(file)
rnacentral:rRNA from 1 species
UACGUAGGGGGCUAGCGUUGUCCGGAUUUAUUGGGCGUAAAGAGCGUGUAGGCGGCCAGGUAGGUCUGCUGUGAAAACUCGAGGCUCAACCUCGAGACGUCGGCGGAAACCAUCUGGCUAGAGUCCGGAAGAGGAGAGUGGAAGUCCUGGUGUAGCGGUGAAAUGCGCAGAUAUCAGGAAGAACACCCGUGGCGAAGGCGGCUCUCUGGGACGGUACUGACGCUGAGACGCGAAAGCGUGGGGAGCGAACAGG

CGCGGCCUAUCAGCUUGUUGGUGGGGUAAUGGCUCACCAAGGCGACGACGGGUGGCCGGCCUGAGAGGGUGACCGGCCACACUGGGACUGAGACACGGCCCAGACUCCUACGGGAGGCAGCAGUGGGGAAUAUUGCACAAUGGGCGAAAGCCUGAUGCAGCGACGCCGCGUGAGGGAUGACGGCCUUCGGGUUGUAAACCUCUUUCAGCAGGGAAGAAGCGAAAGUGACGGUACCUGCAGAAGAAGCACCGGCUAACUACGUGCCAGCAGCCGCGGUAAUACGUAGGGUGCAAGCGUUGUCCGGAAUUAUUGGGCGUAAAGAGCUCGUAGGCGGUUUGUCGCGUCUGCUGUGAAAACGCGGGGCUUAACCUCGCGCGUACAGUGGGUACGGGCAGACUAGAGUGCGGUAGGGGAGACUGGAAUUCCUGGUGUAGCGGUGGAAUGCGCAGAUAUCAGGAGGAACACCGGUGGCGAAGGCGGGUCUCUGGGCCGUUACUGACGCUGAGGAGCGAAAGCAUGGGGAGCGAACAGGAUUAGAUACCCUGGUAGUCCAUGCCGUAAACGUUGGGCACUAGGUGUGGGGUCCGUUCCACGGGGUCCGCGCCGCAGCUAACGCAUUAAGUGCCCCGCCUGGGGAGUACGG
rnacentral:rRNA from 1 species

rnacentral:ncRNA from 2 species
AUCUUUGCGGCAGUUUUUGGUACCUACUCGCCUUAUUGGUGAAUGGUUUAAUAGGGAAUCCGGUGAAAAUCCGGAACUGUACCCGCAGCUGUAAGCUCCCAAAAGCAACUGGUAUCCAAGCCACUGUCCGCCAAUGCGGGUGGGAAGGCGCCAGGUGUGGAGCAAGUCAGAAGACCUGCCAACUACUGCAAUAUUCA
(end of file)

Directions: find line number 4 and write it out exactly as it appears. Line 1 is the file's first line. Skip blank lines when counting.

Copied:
rnacentral:rRNA from 1 species